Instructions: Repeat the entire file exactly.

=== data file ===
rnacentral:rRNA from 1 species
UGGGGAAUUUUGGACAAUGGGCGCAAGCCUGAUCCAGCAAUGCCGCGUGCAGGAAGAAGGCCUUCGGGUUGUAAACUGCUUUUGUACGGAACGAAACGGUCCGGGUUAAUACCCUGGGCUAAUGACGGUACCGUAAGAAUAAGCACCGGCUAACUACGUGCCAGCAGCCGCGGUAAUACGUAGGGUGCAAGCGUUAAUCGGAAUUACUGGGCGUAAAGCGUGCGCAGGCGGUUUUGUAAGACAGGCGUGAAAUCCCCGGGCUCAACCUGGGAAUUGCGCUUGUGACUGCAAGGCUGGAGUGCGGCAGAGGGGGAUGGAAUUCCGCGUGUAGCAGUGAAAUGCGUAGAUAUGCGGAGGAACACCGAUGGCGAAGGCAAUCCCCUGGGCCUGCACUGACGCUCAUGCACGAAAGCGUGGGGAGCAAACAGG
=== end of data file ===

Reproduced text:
rnacentral:rRNA from 1 species
UGGGGAAUUUUGGACAAUGGGCGCAAGCCUGAUCCAGCAAUGCCGCGUGCAGGAAGAAGGCCUUCGGGUUGUAAACUGCUUUUGUACGGAACGAAACGGUCCGGGUUAAUACCCUGGGCUAAUGACGGUACCGUAAGAAUAAGCACCGGCUAACUACGUGCCAGCAGCCGCGGUAAUACGUAGGGUGCAAGCGUUAAUCGGAAUUACUGGGCGUAAAGCGUGCGCAGGCGGUUUUGUAAGACAGGCGUGAAAUCCCCGGGCUCAACCUGGGAAUUGCGCUUGUGACUGCAAGGCUGGAGUGCGGCAGAGGGGGAUGGAAUUCCGCGUGUAGCAGUGAAAUGCGUAGAUAUGCGGAGGAACACCGAUGGCGAAGGCAAUCCCCUGGGCCUGCACUGACGCUCAUGCACGAAAGCGUGGGGAGCAAACAGG